• He’s sore because his name is not more prominent in the credits. But it is there. And nobody has ever denied that the film was inspired by Five Point Someone. He is now trying to say that the movie is much more like his book than he expected, although I know that he did in fact see the script during shooting and even said then that it was not much like his book. So he is now crying foul in a complete reversal of his own previous sentiments—and the media is going wild over it all.

      • Seriously, there is also an interview on video out there from a couple months ago in which Chetan Bhagat says Raju showed him the full script three times. Why this is an issue *now* is beyond me.

        VVC and Chetan entered into a contract (which I haven’t read, but it’s out there, I think). VVC apparently hasn’t violated it. Why it’s become such an issue is beyond me…sad bit is, we know whom it hurts more, and it’s not Chetan Bhagat. :(

        • Maybe CB had indeed read the script and people are saying he is complaining now that the movie is such a huge hit, so whats wrong? and you saying that there was a contract,here it is.

          http://www.vinodchopra.com/agreement.pdf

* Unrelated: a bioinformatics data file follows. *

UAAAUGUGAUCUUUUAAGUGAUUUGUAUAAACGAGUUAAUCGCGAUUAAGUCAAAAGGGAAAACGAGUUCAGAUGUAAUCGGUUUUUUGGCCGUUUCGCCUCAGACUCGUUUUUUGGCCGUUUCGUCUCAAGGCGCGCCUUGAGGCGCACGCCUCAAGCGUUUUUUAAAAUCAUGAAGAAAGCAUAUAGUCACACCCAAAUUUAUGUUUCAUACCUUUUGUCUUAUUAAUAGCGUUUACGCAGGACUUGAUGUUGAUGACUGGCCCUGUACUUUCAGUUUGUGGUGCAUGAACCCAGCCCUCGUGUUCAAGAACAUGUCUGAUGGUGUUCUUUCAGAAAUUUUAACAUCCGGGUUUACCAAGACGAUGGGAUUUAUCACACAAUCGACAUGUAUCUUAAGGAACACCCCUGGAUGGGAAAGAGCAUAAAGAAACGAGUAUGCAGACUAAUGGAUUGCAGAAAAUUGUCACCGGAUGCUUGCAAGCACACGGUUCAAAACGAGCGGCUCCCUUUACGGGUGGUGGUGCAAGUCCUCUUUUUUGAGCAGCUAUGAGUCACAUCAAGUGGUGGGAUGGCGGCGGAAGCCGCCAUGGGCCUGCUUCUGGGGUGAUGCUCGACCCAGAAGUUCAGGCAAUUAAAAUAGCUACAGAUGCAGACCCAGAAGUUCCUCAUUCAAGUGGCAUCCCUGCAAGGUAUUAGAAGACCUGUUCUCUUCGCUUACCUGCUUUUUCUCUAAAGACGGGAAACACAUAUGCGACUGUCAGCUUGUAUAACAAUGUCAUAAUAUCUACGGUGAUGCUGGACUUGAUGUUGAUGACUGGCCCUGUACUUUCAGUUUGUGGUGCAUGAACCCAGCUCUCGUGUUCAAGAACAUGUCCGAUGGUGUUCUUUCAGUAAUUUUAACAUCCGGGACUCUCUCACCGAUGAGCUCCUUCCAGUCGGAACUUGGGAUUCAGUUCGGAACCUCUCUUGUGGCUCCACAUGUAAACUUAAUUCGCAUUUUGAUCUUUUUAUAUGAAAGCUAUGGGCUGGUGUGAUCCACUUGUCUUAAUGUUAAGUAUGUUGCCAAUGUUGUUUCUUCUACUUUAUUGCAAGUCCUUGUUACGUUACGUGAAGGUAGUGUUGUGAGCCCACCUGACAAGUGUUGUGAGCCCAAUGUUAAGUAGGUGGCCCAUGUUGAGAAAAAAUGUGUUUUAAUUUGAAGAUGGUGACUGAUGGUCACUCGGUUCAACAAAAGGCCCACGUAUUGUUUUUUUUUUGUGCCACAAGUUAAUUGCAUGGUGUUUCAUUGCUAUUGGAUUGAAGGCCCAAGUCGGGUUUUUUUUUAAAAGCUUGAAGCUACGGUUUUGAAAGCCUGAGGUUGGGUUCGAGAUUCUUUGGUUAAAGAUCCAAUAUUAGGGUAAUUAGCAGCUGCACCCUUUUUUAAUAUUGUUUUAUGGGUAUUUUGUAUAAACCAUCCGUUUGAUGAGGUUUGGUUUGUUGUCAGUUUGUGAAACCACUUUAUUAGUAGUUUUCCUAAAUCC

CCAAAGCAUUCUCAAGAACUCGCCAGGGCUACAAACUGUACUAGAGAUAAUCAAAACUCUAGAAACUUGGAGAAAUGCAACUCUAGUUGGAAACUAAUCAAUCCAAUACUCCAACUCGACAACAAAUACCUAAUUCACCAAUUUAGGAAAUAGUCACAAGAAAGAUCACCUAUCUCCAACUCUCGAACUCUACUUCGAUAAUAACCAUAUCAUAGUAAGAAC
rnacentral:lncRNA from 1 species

maybe the contract might not have been violated as the producers claim, honestly this more of a moral argument than a legal one, is it ok to “BUY” a story from someone for money and not give him due credit? maybe this is legally ok but is it ok morally?? I dont think so, yes its CB’s fault too, but many people(including Aamir) are painting the producers as saints and CB as an evil publicity hungry monster.

          and I dont understand Aamir’s comment in a press conf that CB came to him while shooting and said dont read the novel as the script is totally diff, seriously imagine yourself in place of CB, if Aamir, one of India’s greatest actors wants to read your book, immaterial if the movie he is doing is based on your novel or not, would you say dont read my novel? strange especially Aamir claims CB said the script is totally diff,logically, reading th novel wouldnt affect Aamir in any way while portraying the role,so CB saying dont read is too weird for me.any1 shedding more light will be appreciated.